Skip Navigation LinksHome > June 2011 - Volume 25 - Issue 6 > The Effects of a Constant Sprint-to-Rest Ratio and Recovery...
Journal of Strength & Conditioning Research:
doi: 10.1519/JSC.0b013e3181dbdc06
Original Research

The Effects of a Constant Sprint-to-Rest Ratio and Recovery Mode on Repeated Sprint Performance

Abt, Grant1; Siegler, Jason C1; Akubat, Ibrahim1; Castagna, Carlo2

Collapse Box

Abstract

Abt, G, Siegler, JC, Akubat, I, and Castagna, C. The effects of a constant sprint-to-rest ratio and recovery mode on repeated sprint performance. J Strength Cond Res 25(6): 1695-1702, 2011—It is unclear if a constant sprint-to-rest ratio allows full performance recovery between repeated sprints over different distances. This is important for the development of sprint-training programs. Additionally, there is conflicting evidence on whether active recovery enhances sprint performance. Three repeated sprint protocols were used (22 × 15, 13 × 30, and 8 × 50 m), with each having an active and passive recovery. Each trial was conducted with an initial sprint-to-rest ratio of 1:10. Repeated sprints were analyzed by comparing the first sprint to the last sprint. For the 15-m trials, there were no significant main effects for recovery or time and no significant interaction. For the 30-m trials, there was no main effect for recovery, but a main effect for time (F[1,10] = 15.995, p = 0.003; mean difference = 0.20 seconds, 95% confidence interval [CI] = 0.09-0.31 seconds, d = 1.4 [large effect]). There was no interaction of recovery and time in the 30-m trials. For the 50-m trials, there was no main effect for recovery, but a main effect for time (F[1,10] = 34.225, p = 0.0002; mean difference = 0.39 seconds, 95% CI = 0.24-0.55 seconds, d = 1.3 [large effect]). There was no interaction of recovery and time in the 50-m trials. The results demonstrate that a 1:10 sprint-to-rest ratio allows full performance recovery between 15-m sprints, but not between sprints of 30 or 50 m, and that recovery mode did not influence repeated sprint performance.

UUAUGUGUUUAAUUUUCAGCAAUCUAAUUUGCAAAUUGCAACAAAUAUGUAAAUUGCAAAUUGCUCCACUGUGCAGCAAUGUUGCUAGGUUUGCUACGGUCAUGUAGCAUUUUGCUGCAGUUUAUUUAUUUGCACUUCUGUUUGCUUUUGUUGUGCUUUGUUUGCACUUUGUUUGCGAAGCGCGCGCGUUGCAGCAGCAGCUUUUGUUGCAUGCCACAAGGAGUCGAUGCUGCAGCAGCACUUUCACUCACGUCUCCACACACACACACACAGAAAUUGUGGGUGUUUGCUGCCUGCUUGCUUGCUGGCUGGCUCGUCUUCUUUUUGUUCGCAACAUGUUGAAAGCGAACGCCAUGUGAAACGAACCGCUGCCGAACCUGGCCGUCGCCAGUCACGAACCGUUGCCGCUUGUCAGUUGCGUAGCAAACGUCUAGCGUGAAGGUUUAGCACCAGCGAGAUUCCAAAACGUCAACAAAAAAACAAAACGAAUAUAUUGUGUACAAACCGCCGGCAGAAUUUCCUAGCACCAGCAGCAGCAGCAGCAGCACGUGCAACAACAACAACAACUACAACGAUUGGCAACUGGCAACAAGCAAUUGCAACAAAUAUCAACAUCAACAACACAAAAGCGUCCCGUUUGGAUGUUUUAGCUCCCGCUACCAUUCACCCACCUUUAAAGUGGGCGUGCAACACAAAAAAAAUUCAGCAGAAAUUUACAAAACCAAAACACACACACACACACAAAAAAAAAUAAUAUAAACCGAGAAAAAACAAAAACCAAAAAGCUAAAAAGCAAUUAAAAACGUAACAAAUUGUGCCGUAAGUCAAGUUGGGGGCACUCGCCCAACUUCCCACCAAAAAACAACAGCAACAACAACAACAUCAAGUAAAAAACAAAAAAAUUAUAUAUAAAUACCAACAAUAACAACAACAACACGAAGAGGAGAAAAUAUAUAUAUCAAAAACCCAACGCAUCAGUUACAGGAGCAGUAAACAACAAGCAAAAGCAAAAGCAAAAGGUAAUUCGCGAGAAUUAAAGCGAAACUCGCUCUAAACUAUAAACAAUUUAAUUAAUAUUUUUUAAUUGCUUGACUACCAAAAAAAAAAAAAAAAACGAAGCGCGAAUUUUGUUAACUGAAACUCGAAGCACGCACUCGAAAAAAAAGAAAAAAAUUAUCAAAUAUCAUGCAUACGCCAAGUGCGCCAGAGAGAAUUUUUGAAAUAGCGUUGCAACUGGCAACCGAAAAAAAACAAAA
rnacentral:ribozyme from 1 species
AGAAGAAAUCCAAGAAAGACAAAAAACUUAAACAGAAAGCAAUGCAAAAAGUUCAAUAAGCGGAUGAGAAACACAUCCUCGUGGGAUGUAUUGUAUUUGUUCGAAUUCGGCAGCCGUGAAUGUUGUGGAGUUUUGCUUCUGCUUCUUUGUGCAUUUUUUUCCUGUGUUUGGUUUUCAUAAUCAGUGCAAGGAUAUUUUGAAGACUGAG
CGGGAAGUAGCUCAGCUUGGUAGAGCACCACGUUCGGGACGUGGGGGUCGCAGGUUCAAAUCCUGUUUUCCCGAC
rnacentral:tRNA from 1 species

© 2011 National Strength and Conditioning Association

 

Login

Article Tools

Share

Search for Similar Articles
You may search for similar articles that contain these same keywords or you may modify the keyword list to augment your search.